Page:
Helping solve the foster care crisis
by TCT Staff
May 11, 2013 12:00 AM | 1425 views | 0 0 comments | 7 7 recommendations | email to a friend | print
Bill Hancock, founder and CEO of FaithBridge Foster Care, meets with Ted and Kimberly Campbell, a Cherokee County family, to discuss foster care and how it works. An information session with FaithBridge Foster Care is being planned at the Holly Springs Community Center at the depot in the downtown area to offer those who want to be involved in the foster family and volunteer program. Titled “Encounter Faithbridge,” the event is set for May 29 from 7 to 9 p.m. ‘National Foster Care Month is an important time to put the focus on so many children who need loving, Christian homes,’ said Hancock. ‘We believe churches can respond to the needs of the community and help meet the foster care challenge in our state.’
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Special to the Cherokee Tribune
Bill Hancock, founder and CEO of FaithBridge Foster Care, meets with Ted and Kimberly Campbell, a Cherokee County family, to discuss foster care and how it works. An information session with FaithBridge Foster Care is being planned at the Holly Springs Community Center at the depot in the downtown area to offer those who want to be involved in the foster family and volunteer program. Titled “Encounter Faithbridge,” the event is set for May 29 from 7 to 9 p.m. ‘National Foster Care Month is an important time to put the focus on so many children who need loving, Christian homes,’ said Hancock. ‘We believe churches can respond to the needs of the community and help meet the foster care challenge in our state.’
Special to the Cherokee Tribune
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May is National Foster Care Month, and FaithBridge Foster Care is offering information sessions and workshops for those interested in serving children from challenging homes.

An information session with FaithBridge Foster Care is being planned at the Holly Springs Community Center at the depot in the downtown area to offer those who want to be involved in the foster family and volunteer program. Titled “Encounter Faithbridge,” the event is set for May 29 from 7 to 9 p.m.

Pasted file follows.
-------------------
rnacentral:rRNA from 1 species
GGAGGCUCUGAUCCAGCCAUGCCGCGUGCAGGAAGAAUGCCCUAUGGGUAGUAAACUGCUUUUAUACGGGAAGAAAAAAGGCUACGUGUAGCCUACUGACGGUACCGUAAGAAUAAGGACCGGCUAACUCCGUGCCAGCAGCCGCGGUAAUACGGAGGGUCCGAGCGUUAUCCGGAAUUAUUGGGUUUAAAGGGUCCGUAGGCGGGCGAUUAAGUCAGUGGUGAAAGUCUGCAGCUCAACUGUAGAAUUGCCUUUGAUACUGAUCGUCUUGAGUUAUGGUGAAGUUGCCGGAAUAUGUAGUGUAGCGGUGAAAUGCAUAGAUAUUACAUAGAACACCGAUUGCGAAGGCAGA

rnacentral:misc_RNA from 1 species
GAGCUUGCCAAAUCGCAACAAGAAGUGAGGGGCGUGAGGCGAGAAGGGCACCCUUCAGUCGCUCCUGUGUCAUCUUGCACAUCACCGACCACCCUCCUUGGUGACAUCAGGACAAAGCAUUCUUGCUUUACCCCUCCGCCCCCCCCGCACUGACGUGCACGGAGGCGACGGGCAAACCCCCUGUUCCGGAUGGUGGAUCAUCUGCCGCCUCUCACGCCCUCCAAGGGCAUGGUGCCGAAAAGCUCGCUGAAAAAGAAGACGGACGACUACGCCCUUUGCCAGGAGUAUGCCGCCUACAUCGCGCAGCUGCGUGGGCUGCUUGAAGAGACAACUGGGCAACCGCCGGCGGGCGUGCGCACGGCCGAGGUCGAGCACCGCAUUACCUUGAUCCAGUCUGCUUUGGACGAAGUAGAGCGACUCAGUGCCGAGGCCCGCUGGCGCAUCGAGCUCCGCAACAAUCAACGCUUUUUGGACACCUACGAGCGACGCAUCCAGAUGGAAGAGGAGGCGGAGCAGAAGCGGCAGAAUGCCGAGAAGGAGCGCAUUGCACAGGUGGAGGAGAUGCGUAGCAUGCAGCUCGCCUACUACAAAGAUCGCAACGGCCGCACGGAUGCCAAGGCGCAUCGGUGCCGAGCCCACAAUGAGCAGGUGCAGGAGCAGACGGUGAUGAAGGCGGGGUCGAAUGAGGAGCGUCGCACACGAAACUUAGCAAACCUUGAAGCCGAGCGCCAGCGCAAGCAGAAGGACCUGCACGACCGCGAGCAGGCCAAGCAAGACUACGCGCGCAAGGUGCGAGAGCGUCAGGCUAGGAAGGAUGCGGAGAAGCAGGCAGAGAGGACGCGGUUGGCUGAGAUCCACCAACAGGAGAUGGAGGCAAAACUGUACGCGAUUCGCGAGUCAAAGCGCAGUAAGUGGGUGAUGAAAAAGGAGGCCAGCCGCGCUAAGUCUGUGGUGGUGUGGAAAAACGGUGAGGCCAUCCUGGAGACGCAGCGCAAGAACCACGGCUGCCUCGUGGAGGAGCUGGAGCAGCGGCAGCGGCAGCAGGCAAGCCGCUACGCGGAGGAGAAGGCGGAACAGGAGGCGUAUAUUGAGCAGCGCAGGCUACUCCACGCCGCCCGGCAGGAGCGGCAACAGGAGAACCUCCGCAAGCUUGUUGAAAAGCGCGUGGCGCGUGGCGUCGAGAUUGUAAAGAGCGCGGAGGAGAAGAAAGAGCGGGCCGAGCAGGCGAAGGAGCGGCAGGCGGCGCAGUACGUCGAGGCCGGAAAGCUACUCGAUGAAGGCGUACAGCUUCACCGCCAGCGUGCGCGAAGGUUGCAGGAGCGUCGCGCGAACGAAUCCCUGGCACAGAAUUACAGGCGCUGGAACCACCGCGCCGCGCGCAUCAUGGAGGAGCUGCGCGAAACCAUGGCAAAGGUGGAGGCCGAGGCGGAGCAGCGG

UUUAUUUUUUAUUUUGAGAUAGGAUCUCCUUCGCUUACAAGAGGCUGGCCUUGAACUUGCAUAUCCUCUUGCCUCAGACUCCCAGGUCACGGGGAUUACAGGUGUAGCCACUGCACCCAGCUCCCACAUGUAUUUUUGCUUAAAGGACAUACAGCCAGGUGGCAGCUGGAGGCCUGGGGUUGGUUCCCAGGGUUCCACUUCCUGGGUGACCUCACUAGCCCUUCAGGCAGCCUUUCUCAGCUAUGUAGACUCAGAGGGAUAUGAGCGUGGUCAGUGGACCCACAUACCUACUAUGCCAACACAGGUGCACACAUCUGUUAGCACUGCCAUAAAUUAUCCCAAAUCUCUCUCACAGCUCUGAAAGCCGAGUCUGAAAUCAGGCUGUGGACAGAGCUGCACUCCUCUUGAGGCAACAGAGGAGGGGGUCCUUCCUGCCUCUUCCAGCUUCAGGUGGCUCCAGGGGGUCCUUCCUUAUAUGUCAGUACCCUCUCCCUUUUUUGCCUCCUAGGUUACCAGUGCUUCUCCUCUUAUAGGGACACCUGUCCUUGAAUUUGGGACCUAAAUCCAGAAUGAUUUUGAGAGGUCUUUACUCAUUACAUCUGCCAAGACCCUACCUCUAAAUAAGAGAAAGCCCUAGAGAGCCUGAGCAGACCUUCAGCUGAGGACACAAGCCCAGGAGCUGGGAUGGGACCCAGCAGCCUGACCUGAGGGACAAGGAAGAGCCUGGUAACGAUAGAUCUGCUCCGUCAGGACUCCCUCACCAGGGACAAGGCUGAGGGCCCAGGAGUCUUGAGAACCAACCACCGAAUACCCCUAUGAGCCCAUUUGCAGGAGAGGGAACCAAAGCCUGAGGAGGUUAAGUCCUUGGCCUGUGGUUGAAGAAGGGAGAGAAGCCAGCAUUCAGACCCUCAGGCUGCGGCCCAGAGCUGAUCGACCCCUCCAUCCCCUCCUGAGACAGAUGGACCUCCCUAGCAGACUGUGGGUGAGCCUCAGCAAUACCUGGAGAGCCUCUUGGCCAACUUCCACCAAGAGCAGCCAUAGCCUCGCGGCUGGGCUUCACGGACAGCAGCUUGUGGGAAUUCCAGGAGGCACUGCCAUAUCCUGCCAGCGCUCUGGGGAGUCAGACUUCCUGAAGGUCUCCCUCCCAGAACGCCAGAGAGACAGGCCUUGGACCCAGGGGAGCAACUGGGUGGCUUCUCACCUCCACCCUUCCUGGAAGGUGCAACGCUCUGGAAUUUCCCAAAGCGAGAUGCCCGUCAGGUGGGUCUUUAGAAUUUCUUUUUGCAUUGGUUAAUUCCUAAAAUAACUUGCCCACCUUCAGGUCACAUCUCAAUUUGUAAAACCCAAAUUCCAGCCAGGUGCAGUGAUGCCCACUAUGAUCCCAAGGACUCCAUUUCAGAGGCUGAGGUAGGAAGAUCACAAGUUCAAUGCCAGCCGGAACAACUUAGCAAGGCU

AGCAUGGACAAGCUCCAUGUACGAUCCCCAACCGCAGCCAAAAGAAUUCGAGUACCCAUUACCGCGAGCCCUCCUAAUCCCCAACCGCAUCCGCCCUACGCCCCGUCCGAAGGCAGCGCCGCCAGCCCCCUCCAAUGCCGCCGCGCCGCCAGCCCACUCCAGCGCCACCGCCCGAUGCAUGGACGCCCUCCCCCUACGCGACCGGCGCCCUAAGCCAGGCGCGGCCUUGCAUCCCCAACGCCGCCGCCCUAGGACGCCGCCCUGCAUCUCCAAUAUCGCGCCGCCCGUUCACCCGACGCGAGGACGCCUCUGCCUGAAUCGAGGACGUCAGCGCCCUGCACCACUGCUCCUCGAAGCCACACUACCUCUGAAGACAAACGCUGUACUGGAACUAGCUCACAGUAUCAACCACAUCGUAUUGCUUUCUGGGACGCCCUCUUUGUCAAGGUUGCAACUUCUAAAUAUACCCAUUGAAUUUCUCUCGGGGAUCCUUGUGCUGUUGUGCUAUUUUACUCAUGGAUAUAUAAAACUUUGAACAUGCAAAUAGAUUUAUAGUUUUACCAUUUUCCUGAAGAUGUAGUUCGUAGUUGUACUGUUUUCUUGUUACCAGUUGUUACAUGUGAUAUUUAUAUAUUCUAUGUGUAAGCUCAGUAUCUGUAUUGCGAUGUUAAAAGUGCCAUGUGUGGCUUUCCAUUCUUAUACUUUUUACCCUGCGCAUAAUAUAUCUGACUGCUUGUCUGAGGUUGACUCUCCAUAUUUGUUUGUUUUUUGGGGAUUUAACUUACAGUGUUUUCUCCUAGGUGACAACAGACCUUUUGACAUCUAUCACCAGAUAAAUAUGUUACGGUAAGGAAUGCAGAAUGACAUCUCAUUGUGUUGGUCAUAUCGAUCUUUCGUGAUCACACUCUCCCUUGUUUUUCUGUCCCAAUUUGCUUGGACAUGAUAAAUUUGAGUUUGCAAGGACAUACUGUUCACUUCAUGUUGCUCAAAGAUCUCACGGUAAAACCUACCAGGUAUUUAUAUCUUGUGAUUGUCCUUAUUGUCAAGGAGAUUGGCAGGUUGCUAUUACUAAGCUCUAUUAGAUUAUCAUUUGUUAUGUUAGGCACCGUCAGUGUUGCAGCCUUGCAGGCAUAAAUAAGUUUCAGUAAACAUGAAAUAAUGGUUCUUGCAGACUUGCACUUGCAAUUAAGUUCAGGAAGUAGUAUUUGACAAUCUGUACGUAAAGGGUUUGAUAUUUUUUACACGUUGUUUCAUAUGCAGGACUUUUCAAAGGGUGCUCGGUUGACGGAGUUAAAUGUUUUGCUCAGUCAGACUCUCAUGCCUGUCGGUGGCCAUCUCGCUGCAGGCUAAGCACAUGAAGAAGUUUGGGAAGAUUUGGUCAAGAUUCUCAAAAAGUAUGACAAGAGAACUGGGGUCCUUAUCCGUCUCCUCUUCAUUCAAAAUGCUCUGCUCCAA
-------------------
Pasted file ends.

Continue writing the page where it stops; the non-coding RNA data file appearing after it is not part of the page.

“National Foster Care Month is an important time to put the focus on so many children who need loving, Christian homes,” said Bill Hancock, founder and CEO of FaithBridge Foster Care. “We believe churches can respond to the needs of the community and help meet the foster care challenge in our state.”

Among the Cherokee County residents who have become foster parents through the FaithBridge program are Ted and Kimberly Campbell of Woodstock.

They are fostering a young girl to give her a stable, Christian home until the courts decide whether the little girl can return to her biological family.

Encounter FaithBridge is an introduction to Christian foster care ministry and is also part of the state requirement to be a foster or respite parent.

Support team volunteers can also attend Encounter FaithBridge to learn how they can serve foster children by assisting with meals, materials goods and services, transportation, child care and more.

The number of foster children far outweighs the number of homes available to care for them, advocates of the program say.

In the state of Georgia, there are more than 7,000 children in foster care, and as of last fall, there were 188 foster care children in Cherokee County alone. Through a local church, Christian families and the local community can make a difference in the lives of Cherokee County’s foster children.

The Holly Springs Community Center is at 164 Hickory Road in Holly Springs.

The public is invited to attend. For more information or to register for events, visit www.faithbridge

fostercare.org/news-and-events/

events.aspx.

For more information on FaithBridge, call (678) 690-7100 or visit www.faithbridgefostercare.org.

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